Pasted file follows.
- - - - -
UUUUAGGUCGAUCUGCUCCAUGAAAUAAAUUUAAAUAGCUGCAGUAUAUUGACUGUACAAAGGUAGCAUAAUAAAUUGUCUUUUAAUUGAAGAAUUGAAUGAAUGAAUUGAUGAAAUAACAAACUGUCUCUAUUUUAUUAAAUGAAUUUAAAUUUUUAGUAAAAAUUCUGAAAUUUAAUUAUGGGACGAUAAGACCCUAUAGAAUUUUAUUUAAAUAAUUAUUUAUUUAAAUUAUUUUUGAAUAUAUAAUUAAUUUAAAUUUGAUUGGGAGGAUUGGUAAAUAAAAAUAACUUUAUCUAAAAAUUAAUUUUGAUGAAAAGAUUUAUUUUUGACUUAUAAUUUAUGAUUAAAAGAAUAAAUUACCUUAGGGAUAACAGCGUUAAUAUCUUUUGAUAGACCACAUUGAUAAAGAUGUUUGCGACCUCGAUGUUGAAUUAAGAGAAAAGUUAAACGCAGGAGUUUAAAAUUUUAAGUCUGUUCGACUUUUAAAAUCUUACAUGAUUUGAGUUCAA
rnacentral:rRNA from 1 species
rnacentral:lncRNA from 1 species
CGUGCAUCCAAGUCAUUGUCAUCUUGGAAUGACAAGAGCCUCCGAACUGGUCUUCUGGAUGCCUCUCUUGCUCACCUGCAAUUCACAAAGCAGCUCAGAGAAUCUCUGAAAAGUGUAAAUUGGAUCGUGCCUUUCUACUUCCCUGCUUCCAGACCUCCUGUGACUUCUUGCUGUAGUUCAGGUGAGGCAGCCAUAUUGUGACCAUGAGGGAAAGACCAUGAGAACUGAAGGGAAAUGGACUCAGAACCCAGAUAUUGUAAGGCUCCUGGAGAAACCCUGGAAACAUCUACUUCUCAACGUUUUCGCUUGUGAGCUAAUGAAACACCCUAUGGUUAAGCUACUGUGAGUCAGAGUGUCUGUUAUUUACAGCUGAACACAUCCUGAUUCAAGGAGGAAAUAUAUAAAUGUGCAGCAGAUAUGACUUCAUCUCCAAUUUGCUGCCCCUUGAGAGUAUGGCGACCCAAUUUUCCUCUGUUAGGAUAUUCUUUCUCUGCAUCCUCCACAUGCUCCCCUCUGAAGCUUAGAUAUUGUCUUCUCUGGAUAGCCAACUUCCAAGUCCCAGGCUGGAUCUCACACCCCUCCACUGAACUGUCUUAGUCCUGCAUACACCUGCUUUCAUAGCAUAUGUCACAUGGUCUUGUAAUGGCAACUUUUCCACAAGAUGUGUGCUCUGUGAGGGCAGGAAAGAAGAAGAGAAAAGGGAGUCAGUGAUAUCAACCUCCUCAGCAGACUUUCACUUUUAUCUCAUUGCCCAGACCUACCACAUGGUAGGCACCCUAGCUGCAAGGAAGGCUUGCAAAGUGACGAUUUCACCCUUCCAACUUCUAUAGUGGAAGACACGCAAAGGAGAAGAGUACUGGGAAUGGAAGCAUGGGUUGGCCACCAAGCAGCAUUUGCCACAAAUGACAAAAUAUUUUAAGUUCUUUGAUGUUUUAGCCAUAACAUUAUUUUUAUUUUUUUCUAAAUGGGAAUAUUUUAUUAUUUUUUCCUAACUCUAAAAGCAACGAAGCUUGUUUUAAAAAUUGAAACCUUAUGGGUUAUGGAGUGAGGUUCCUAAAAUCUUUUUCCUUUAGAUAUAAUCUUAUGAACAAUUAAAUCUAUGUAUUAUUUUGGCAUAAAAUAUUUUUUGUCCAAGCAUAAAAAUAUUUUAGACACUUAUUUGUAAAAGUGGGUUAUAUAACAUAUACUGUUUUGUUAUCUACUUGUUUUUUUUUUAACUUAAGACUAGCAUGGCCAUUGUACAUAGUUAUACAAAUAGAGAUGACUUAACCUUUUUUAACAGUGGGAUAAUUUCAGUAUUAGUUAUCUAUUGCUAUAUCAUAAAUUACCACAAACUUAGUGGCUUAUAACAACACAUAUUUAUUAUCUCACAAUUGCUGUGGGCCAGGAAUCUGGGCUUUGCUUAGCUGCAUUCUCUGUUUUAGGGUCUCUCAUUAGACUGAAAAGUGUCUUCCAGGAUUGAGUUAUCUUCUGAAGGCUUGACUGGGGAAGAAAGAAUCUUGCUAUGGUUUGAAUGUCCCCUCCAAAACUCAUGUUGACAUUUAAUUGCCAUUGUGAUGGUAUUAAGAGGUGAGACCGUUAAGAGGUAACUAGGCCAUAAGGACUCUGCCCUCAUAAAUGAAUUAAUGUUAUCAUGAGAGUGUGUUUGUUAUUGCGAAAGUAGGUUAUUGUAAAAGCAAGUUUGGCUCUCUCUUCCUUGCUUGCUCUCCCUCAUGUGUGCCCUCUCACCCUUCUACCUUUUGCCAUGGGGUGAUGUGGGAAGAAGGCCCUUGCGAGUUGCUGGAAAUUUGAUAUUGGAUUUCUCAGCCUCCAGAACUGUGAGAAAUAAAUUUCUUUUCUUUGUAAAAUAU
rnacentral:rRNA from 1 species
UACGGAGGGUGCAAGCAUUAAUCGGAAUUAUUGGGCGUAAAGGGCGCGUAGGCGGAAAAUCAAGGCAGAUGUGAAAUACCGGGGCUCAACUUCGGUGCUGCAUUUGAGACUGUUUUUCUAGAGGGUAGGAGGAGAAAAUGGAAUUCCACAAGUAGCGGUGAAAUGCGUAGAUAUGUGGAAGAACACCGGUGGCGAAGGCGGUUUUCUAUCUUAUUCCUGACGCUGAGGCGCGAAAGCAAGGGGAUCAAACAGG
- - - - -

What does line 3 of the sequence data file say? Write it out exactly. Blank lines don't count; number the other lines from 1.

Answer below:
rnacentral:lncRNA from 1 species